The first official Z390 board has appeared on the ever-reliable SiSoft Sandra benchmarking database. The Asus TUF Z390-Pro Gaming board appeared early this morning on the live ranker, though unfortunately it was just running a standard Intel Core i7 8700K CPU, so there’s no further confirmation of an 8-core Coffee Lake processor. Shame.
There’s not a whole lot we can actually take out of the reveal other than the boards are very much on their way soon, as SiSoft is actually displaying the correct name rather than just a generic platform title. We’re expecting the new Z390 motherboards to arrive this quarter so a launch around, or just after, Gamescom wouldn’t be a surprise.
A great motherboard will need the best CPU for gaming.
New leaked roadmaps from Intel have shown that the Z390 boards are set to completely replace the older Z370 chipset motherboards in Q3 of this year, likely in preparation for the Intel Coffee Lake refresh processors to arrive later in Q4. There has still been no official word from Intel on the new chips aside from some published documents that were quickly taken down.
Those documents showed a host of new Core i3 and Core i5 processors, but we’re still hanging out for a proper reveal of the upcoming octa-core Intel Core i9 chips. Those will be the eight-core, 16-thread opposition for the top-end AMD Ryzen CPUs and will likely be arriving sometime around October.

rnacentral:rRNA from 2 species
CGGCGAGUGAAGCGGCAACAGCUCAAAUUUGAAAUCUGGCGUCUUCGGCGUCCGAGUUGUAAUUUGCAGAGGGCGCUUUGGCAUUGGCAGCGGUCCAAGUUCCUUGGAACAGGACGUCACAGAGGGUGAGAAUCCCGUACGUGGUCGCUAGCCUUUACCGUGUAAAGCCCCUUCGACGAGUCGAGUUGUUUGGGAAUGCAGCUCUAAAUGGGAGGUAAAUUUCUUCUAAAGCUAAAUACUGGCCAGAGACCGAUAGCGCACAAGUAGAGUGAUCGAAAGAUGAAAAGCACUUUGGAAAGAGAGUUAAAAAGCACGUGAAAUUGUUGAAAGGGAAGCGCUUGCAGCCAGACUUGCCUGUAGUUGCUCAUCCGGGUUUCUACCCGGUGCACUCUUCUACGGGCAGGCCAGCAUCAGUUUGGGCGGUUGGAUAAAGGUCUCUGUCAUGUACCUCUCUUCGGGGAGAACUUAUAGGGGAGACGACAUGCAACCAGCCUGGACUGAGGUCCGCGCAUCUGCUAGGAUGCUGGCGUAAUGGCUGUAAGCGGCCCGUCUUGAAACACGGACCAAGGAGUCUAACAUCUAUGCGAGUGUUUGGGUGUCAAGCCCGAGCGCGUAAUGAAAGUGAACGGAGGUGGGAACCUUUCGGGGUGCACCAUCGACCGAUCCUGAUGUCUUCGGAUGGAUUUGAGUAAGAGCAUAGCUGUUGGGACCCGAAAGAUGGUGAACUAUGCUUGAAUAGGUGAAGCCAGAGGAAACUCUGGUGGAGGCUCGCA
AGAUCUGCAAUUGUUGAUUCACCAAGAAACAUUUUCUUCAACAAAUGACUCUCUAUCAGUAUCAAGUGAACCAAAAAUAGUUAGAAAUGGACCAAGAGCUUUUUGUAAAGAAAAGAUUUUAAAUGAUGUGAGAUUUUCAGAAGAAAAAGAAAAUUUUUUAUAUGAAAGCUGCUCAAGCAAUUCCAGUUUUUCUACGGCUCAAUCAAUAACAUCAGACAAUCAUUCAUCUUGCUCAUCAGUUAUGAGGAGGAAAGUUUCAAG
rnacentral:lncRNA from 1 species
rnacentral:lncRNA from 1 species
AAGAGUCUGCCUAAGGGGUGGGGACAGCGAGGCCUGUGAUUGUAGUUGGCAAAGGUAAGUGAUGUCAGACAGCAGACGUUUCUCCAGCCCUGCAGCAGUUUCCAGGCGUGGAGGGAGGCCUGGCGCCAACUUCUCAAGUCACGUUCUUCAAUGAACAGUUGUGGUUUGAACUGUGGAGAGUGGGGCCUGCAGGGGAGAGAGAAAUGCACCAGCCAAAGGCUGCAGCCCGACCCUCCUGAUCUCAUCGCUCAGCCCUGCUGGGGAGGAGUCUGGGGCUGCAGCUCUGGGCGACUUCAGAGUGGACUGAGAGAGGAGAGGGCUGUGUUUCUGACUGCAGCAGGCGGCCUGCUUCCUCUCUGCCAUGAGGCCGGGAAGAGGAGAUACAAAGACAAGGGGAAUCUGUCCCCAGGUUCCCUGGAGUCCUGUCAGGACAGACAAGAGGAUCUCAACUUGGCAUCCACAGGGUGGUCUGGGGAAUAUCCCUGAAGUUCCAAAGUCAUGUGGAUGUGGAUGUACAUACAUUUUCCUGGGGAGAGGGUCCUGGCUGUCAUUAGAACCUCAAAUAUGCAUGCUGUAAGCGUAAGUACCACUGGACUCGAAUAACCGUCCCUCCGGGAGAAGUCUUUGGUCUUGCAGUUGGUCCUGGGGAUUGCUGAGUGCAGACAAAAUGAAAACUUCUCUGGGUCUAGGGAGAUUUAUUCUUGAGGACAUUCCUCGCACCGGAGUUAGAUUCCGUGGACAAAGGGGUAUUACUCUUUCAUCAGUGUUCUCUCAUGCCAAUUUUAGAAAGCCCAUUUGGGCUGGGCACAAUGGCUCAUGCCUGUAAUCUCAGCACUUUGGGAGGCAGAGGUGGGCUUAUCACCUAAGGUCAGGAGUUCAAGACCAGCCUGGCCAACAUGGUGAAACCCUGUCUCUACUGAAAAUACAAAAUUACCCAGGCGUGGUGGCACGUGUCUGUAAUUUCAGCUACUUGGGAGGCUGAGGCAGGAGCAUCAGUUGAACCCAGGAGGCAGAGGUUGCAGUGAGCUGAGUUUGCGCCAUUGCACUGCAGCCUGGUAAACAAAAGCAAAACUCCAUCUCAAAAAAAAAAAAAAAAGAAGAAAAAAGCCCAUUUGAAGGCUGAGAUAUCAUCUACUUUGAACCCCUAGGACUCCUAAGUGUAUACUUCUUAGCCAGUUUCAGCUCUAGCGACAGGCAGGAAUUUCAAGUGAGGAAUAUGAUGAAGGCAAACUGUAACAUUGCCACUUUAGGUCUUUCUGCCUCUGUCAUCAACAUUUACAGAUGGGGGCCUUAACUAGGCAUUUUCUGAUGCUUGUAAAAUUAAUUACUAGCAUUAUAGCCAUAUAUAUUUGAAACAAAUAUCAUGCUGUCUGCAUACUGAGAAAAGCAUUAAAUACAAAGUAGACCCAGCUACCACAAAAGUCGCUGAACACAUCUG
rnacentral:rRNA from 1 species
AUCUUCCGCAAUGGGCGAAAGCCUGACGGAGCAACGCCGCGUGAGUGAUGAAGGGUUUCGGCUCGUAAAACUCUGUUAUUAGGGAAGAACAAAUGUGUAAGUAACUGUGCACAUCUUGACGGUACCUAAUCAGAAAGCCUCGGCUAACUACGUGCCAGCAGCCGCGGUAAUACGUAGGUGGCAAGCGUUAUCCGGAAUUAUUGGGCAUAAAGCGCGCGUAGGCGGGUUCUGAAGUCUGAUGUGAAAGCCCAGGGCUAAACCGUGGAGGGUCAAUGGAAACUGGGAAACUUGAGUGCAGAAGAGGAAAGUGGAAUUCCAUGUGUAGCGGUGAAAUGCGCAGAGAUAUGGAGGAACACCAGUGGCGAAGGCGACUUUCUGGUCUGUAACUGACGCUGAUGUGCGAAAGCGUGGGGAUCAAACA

And if the official naming schemes for the new Z390 boards are appearing in the SiSoft database right now, the new mobos can’t be far off release.
We had expected that Intel might pull the same stunt it did when it first introduced the six-core Coffee Lake CPUs and nix backwards compatibility from the existing motherboards, when it blocked Z270 boards from supporting the 8000-series processors. That was despite early benchmarks showing engineering samples running in the older boards, and overclocking records being broken with Coffee Lake chips in Z270 mobos since.
But this time around it looks like it’s going to be different, with Z370 boards supporting the new eight-core Intel chip. We wouldn’t have been surprising to see Intel artificially limiting compatibility to the new Z390 platform in order to shift some new boards, but that’s hopefully not how it’s going to roll out.
Potentially, thought, that’s why Intel is looking to launch the Z390 boards ahead of the new chips, so that when the Core i9 processors do finally go on sale the Z390 will be the board that the system integrators are using and retailers are pushing.